Learning to use a version control system such as Git is a sensible way to start on the DevOps path.
So you've heard about DevOps and you're wondering how to get started. If you're ambitious you can learn a programming language. If you're not ready to bite off quite that much, you could get familiar with a configuration management tool such as Puppet or Chef. I'm going to offer another option: learn to work with a software version control system.
Version control systems are like the file servers of the software development world -- but so much more. In addition to being a repository for software source code, version control systems can hold configuration data for infrastructure such as routers, firewalls, switches and Apache Web servers. They can also hold configurations for monitoring systems such as Nagios.
Maintaining your configuration data in a version control system provides an element of change control; want to know when that firewall rule was introduced or when an Apache vhost was added? A version control system can help you track these things. Initially, populating a version control system may be a manual process. But over time some scripting can automate much of the work.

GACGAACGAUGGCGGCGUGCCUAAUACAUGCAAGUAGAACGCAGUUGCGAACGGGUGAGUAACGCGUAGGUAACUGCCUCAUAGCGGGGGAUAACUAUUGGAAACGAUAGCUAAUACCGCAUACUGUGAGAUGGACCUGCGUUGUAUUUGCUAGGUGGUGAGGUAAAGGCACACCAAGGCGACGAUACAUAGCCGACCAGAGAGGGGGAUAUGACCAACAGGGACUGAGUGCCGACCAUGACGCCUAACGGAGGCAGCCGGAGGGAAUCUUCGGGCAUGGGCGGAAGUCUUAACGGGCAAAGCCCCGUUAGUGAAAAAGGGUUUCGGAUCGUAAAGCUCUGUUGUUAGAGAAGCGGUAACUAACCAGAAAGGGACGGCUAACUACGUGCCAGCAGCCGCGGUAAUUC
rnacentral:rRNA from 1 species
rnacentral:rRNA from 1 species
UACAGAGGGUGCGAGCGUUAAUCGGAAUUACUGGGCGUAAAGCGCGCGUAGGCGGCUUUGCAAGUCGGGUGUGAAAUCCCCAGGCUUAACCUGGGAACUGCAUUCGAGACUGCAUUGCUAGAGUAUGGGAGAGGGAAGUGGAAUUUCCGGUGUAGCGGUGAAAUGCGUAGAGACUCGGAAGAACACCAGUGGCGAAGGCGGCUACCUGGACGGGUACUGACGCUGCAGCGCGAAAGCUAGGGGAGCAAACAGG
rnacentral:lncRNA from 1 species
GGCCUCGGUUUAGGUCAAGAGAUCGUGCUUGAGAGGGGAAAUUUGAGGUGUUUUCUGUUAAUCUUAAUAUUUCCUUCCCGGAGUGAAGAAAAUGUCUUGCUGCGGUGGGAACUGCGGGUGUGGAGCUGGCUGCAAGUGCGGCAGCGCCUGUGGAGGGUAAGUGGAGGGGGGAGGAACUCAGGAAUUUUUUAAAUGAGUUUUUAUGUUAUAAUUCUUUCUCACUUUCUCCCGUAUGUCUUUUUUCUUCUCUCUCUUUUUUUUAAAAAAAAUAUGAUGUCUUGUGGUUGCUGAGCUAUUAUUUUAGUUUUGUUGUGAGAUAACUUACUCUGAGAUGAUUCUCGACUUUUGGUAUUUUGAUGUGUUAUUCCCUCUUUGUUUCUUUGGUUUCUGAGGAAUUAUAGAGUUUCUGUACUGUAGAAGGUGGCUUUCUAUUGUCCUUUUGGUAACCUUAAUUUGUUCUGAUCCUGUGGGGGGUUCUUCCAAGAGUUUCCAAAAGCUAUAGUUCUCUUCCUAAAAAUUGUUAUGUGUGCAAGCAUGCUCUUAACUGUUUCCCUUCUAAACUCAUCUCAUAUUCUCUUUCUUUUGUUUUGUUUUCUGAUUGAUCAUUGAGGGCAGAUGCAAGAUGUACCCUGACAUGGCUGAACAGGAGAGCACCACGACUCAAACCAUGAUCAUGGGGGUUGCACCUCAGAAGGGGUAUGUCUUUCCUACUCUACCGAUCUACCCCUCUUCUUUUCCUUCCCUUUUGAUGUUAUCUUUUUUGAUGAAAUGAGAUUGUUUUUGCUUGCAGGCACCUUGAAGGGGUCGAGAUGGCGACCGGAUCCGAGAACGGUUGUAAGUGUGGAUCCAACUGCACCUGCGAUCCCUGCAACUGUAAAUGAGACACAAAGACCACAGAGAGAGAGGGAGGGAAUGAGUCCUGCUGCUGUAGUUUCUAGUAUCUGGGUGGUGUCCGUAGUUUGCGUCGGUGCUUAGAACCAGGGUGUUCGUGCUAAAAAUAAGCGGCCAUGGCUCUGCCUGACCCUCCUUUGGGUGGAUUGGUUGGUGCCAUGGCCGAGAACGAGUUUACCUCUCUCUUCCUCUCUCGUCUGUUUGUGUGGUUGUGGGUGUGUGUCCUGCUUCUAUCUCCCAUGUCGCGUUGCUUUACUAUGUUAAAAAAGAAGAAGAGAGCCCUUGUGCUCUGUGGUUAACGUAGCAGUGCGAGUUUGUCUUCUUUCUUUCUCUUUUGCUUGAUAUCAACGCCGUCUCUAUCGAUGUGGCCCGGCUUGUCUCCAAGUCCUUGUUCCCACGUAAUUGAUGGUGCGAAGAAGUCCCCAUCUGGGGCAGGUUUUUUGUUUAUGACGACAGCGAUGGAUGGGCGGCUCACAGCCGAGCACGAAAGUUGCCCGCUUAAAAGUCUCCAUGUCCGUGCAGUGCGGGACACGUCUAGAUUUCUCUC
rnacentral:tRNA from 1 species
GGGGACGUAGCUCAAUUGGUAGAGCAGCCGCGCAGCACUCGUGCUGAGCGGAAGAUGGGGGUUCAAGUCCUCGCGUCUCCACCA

Version control systems have their own lingo: pull requests, merges, branches, commits and diffs; learn what these mean and how to use them. For example, the "diffing" feature lets you quickly view changes to tracked files. Additionally, version control systems can be the epicenter of a continuous integration system.
Becoming proficient with a version control system will give you an entrée to the developer world and help you get familiar with the terms and tools developers use. You'll be a step closer to obtaining meaningful value from a DevOps model -- and that's the goal, right?
Version control systems have been around for years, but in my opinion Git gets the most attention these days, perhaps because Git was originally created by Linus Torvalds. Git is quickly growing in popularity due in part to the powerful collaboration functionality of GitHub. Many developers and DevOps folks now list their public GitHub profiles on their resumes and blogs.
Dan Tesch is an IT Director at a Chicago-area marketing firm. He's also a member of the Interop Advisory Board. Dan's technology experience began in the late 1980s in the publishing industry, and now includes networking, virtualization, storage and security. View Full Bio
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